Translated from the Spanish by Josie Mitchell


A Little Story about God

Here’s a story that just came to mind. Perhaps I could make use of it sometime. Perhaps not. Probably not. When you hear the story, you’ll understand why. I think of stories all the time, the reason I don’t write them down is that they’re all as strange as this one.

The story is about a family who travel in a car through the Yugoslavian countryside. It could be Yugoslavia towards Trieste in the direction of Austria, or it could be a country road in the south of Ávila: in my memory, both regions look pretty similar. The family suddenly notices, either side of the highway, in fields green and sprinkled with trees, a large quantity of rabbits. That is to say, all of a sudden they realise that the landscape has become totally overrun by rabbits. They continue down the road, and, as they do, the rabbits get steadily bigger and bigger. The rabbits are gentle and timid – in fact, they behave as rabbits normally do – but nonetheless their size is troubling. At this point, someone in the car makes a comment that is, really, the key to the story: that the rabbits are getting incrementally bigger, and that the bigger the rabbits become the fewer rabbits there are.

This is, of course, logical. A few kilometres further and there are no longer thousands of rabbits as before, but hundreds, and later, just a few dozen. At this point, they are already as large as cows. A little further and the rabbits are as big as elephants. In an area where before there were, let’s say, a hundred rabbits, now there are only two or three. The end of the story is inevitable: the road trails off leading into a wide grassy valley, at the bottom of which appears a single gigantic rabbit whose erect ears rise to the clouds.

I’ll never write this story, that much is clear. I’m not really sure what it means. Maybe it has something to do with St Thomas Aquinas and his proofs of God’s existence. Given the existence of small rabbits, there must previously have been bigger rabbits. In reality, the car does not go down the road, but rather goes back in time like the arrow of entropy. The story, in fact, tells of the origin of all things and of God, and supposes that if God or a transcendent explanation for these things do exist, then they must be terrifying.




The Oucro

Today marks ten years since the departure of the Oucro, who lived with our family for some twenty months when I was a child. Ten years have passed, but I recall everything that happened with such clarity. All of us had become fond of the Oucro, though none of us really understood him. Not because he didn’t speak our language, but because the things that he said didn’t seem to relate to our lives or reality as we knew it. Only Armida, cousin Constanza’s daughter, understood the Oucro. Perhaps because of this when the Oucro decided to abandon us, he took her with him. He left another child in her place, very similar to Armida, just as sweet, just as intelligent, but everyone in the house knew at once that it wasn’t Armida, and that the real Armida had gone with the Oucro. Of course, we didn’t tell visitors anything. Even her grandparents, who live in Córdoba, and those who we see a few days a year, all of them still believe that the current Armida is the same as always. Only close family and intimate friends noticed the change. I think it’s a shame deceiving such lovely grandparents, but what else can we do? The truth would upset them.

The Oucro was the colour of rubber, and huge. He lived in Manú’s old room (Manú had run off to Brazil chasing a married woman) but since he didn’t fit in the room, he’d extended out of the window and into the garden up to the pool, where he’d buried his head, not because he wanted to drink the water, nor to cool down, but because, he said, he preferred to look at things through water. In his world, young Armida explained to us, there was no air, or rather the air had some of the consistency and density of water, and for that reason the Oucro didn’t understand how we lived as we did, with so sustaining us, falling over and hurting ourselves all the time and having to put stairs and railings everywhere, since the air was so thin that it didn’t give us support of any kind. We told Armida that the air the Oucro was describing better resembled a kind of fluid. His opinions, on how insubstantial and dangerous terrestrial air was, seemed similar to those of a fish, something used to living in a dense and viscous medium that allowed one to rise just as one could descend, and in which there was no falling, no law of gravity. But the Oucro was in no way a fish and he became annoyed when we compared him with a fish and when we speculated that his world must simply be covered with water.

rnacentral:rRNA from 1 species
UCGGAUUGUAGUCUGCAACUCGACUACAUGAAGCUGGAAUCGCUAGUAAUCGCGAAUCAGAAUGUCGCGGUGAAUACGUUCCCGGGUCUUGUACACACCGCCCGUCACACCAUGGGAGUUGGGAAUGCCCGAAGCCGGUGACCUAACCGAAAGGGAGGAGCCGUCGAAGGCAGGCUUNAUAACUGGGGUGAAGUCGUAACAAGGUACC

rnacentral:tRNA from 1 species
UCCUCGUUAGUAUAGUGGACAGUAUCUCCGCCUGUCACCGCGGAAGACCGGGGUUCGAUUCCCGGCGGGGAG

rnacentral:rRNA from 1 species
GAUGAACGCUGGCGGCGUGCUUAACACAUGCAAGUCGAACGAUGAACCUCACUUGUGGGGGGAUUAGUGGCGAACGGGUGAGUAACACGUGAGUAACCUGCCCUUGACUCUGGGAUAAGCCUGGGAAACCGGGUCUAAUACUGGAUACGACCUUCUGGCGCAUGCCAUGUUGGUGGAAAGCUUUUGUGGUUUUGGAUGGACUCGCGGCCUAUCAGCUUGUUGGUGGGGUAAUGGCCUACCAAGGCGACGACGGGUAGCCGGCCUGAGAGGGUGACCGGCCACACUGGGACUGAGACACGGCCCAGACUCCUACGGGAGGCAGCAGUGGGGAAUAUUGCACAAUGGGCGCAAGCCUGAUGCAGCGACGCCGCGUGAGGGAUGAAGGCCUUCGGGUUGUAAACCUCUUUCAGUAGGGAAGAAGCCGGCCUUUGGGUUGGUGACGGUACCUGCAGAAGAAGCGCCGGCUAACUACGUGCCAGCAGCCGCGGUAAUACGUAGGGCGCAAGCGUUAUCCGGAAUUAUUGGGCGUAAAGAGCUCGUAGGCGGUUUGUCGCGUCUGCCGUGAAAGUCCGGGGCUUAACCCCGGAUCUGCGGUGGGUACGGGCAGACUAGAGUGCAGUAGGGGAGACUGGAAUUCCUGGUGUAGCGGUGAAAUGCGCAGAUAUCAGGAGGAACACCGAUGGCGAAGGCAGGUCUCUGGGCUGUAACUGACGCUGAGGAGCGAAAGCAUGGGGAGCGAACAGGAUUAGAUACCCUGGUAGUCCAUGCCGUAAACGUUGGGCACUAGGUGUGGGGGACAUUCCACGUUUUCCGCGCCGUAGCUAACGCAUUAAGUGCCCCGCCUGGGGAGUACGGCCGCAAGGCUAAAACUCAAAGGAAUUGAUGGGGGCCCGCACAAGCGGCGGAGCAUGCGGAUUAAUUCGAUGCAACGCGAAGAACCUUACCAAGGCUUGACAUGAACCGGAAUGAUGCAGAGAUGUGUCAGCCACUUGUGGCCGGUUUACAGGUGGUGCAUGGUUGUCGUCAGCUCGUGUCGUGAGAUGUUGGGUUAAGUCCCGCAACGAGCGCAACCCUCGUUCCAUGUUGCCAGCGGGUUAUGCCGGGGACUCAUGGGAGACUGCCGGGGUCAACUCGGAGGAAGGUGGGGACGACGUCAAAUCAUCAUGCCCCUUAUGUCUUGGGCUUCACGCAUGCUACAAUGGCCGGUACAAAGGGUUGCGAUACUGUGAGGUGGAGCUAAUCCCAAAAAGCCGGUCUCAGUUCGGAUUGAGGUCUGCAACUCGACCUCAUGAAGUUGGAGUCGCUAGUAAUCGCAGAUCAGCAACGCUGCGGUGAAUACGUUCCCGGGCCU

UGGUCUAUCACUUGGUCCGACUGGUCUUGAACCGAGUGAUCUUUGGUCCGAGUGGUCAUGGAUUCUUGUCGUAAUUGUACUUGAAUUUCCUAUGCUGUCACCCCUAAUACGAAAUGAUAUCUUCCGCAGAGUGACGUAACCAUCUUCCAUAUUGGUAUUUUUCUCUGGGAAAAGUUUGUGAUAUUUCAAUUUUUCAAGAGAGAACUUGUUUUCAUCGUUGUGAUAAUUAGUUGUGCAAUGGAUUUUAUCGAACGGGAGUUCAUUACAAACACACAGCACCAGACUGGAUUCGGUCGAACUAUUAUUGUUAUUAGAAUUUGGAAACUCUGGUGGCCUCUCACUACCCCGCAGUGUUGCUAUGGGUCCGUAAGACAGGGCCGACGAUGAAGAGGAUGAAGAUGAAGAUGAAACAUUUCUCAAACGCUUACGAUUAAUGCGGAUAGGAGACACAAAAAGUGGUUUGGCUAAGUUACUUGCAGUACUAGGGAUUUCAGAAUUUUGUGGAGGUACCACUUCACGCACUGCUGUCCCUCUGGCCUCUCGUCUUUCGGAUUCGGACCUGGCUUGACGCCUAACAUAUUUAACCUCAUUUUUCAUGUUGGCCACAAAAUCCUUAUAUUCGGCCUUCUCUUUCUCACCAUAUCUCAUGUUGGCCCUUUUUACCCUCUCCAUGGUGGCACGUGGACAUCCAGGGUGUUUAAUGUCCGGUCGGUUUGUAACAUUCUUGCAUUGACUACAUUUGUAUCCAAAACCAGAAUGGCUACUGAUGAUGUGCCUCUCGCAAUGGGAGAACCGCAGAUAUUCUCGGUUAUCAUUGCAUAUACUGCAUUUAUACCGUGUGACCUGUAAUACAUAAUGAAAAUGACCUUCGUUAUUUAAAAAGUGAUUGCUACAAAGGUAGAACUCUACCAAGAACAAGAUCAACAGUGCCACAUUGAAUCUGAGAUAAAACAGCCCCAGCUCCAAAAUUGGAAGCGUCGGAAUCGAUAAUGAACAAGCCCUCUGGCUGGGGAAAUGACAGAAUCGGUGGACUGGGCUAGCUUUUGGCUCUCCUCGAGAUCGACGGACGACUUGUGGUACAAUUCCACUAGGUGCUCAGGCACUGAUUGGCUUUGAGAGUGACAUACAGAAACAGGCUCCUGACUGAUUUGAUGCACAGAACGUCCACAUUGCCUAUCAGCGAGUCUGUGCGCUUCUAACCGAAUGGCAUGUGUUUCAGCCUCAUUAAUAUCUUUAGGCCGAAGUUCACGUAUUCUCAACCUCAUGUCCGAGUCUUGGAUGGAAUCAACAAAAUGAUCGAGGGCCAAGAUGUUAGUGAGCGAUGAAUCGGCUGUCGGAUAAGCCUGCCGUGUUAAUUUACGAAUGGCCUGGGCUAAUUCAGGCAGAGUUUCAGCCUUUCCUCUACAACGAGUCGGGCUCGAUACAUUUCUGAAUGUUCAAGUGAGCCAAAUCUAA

He certainly did not look like a fish and he didn’t possess any of the characteristics of fishes, like eyes without eyelids, fins, scales or gills. He more closely resembled a giant tree root. Occasional visitors to the house took him for precisely that, a root, or perhaps the trunk of a crazy tree that grew from the window, arched over the garden, advanced over the grass and sank at last into the pool. They couldn’t figure out where the treetop was if it were a trunk, or where the trunk was if it were a root, or where the leaves were if it were a branch, or where the root was if it were a tree.

We let them look in puzzlement at the Oucro. Sometimes we said it was a ficus or even a deformed kapok or baobab tree, brought from Africa by Uncle Manú. They didn’t understand why we didn’t cut it down and sell it for wood. They touched it and the Oucro would quickly stiffen, giving the impression of a consistency woody and vegetal.

I remember the first time that the Oucro spoke. He had only been at the house three or four days, and none of us had imagined that he could talk.

‘There are tremors,’ he said, in a very slow, deep voice. ‘There are emotions. Forgive me, banished star. I am like a flower amid primates. I like crimson, but blue disappoints me.’

We all went out into the garden to listen to the Oucro speak. It was a summer night and the sky was full of pulsing stars. Rosa, Consuelo and Constanza, the three cousins, and the husband of Constanza, Guido, and Romulo my father, and Evandra my mother, the writer of this text, and Armida and her two sisters, Louisa and Maria Regina – everyone went to the garden. At first we didn’t know where the voice was coming from. When we realised that it was the Oucro, we were delighted.